**** **** ****** *** ***. That is a spoiler being censored because we like to have a laugh every once in a while in these parts of town where as in the film called Censor, directed and co-written (with Anthony Fletcher) by Prano Bailey-Bond in her feature game debut, we aren't mucking about all that much. Video censor in question is Enid (Niamh Algar) who is just going around doing her job during the era of ''video nasties'', particularly sensitive time in the 1980s when these employees scoured through violent and sexual movies in order to give them ratings, sometimes demanding cuts to them so they would be allowed to be released. One day at work, Enid is convinced that her long-lost sister appears in one of the exploitation films and begins to track her down, all while a movie approved by her becomes media and public's obsession after it's been thought to inspire a gruesome, real-life murder.
Whenever you're talking about first-timers steering the ship, it doesn't get tiring to say that you were surprised how well-paced the movie was or how confident the visual storytelling appears to be. Very much starting with Bailey-Bond and Fletcher's outset about a film censor and going all the way to final descent, the story of Enid is interesting and it lends itself to horror and thriller genres very well. Also noteworthy is that it all plays out in 80 minutes which gives the story some immediacy and intensity, even when you think about how well the film would've worked without the flashbacks - that could've made you question more about Enid's headspace and the concept of old memories - and had it given you a bit more time with our main character to expand her more as a person. Many of the best scenes in the film after all are about her work and how she handles everything mentally and physically, those are also the moments where Algar shines as she plays off of the supporting cast in a way that makes the dialogue flow.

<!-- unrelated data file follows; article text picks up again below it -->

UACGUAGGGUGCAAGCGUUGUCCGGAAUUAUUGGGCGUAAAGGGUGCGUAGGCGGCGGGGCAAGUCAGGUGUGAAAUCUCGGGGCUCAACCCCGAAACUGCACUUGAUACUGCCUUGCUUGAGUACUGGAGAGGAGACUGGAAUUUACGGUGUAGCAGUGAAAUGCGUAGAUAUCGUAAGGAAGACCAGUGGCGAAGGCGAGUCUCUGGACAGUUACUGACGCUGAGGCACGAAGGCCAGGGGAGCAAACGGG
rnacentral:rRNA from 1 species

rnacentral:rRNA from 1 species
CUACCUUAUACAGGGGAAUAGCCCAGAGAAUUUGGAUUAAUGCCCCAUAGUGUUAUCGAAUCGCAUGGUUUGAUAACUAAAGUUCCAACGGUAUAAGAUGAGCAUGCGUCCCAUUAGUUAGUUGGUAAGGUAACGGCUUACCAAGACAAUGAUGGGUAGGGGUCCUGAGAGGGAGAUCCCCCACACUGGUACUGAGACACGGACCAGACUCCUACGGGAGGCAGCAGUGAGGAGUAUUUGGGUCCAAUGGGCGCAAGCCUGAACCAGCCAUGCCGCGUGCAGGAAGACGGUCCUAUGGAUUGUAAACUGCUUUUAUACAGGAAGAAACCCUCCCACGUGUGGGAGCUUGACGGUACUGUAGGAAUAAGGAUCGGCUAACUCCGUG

Making good things better is that Censor isn't driven by just ideas but it also finds a path visually. Cinematographer Annika Summerson's efforts are showy but never distracting; great movement leads to stylish transitions with the help of editor Mark Towns and creating some original video nasties for the film uses the aspect ratio to its advantage (sweet, slow narrowing in the final act which you'll only notice when we're already at 1.33:1). There's also pleasant work done with colour as the moody lighting of Enid's workplace and home is combined with brash greens, purples, pinks and blues, making on-camera stuff and post-production correction really mesh. Bailey-Bond's vision is tightly executed in most aspects from music to sound and from costumes to sets, and while the film doesn't grab its potential and run with it, there is still so much style displayed here that this board will certainly approve the final output.
Smileys: Cinematography, colouring, story, Niamh Algar
Frowneys: Minor characterisation and screenplay issues
* ******, ****** **** *****. Oh no, I thought I could get away with it at the end.